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American scientists are offering a $50,000 prize to the person who designs a system for tagging and tracking the potentially Earth-threatening asteroid, Apophis.

The asteroid is due to pass very close (astronomically speaking) to Earth in 2029. During this close encounter, its trajectory will be changed thanks to Earth's gravitational influence. There is a chance, albeit small, that it could be put on a path to collide with us in 2036.

Naturally, astronomers would like to be able to confirm that this isn't going to happen, hence the competition.

The Planetary Society is putting up the $50k prize money thanks to a donation from board member Dan Geraci. The competition is being run in conjunction with the European Space Agency, NASA, and a number of other space-related bodies.

The Planetary Society argues that it is vital we find out if the asteroid is likely to be set on a collision course as soon as possible. This will give us time to make plans to intercept and divert the rock, which is thought to be between 300m and 400m, and save us all from a fate worse than the dinosaurs'.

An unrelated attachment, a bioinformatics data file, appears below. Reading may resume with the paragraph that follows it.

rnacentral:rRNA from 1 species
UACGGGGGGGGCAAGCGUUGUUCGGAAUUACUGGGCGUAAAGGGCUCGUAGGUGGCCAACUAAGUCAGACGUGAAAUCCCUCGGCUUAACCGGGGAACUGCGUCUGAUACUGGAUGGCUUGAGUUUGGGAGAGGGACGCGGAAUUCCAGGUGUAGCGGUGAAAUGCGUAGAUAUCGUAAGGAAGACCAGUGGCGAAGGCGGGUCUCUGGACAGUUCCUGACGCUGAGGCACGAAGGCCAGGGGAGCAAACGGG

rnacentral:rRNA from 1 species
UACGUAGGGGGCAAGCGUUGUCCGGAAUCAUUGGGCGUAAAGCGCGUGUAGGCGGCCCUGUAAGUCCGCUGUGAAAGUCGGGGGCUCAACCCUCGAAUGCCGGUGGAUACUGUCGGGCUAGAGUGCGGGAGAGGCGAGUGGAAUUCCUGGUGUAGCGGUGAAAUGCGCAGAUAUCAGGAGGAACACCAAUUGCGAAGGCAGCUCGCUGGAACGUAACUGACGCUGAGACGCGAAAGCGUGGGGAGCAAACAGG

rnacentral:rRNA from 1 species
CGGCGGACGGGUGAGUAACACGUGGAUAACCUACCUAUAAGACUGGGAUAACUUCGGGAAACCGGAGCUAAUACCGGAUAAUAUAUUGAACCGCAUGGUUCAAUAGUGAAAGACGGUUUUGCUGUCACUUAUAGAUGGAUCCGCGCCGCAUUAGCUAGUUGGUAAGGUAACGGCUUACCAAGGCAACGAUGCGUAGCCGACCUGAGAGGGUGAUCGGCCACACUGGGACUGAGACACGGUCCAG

"While the odds are very slim that this particular asteroid will hit Earth in 30 years, they are not zero, and Apophis and other NEOs represent threats that need to be addressed," said Rusty Schweickart, Apollo astronaut and head of the Association for Space Explorers NEO (Near Earth Object) committee. 

The Society is inviting suggestions for ways to rendezvous with the asteroid and tag it so as to track its path as accurately as possible. There is an area of space several hundred metres wide which the scientists are referring to as the keyhole. If the astroid passes through this keyhole, it will be set on a collision course for 2036.

The Society will present the winning entries to the world’s major space agencies, and the findings of the competition will be presented at relevant scientific and engineering conferences.

Got an idea? Have a read of the rules and get cracking. ®

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